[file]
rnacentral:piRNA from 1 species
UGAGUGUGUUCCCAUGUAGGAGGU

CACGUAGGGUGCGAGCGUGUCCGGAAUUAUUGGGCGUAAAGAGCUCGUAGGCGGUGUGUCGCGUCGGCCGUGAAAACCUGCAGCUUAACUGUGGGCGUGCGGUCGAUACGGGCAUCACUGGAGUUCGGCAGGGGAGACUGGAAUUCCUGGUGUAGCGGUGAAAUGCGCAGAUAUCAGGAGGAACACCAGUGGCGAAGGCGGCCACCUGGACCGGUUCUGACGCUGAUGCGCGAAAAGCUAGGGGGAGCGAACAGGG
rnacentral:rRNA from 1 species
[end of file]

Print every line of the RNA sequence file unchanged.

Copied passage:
rnacentral:piRNA from 1 species
UGAGUGUGUUCCCAUGUAGGAGGU

CACGUAGGGUGCGAGCGUGUCCGGAAUUAUUGGGCGUAAAGAGCUCGUAGGCGGUGUGUCGCGUCGGCCGUGAAAACCUGCAGCUUAACUGUGGGCGUGCGGUCGAUACGGGCAUCACUGGAGUUCGGCAGGGGAGACUGGAAUUCCUGGUGUAGCGGUGAAAUGCGCAGAUAUCAGGAGGAACACCAGUGGCGAAGGCGGCCACCUGGACCGGUUCUGACGCUGAUGCGCGAAAAGCUAGGGGGAGCGAACAGGG
rnacentral:rRNA from 1 species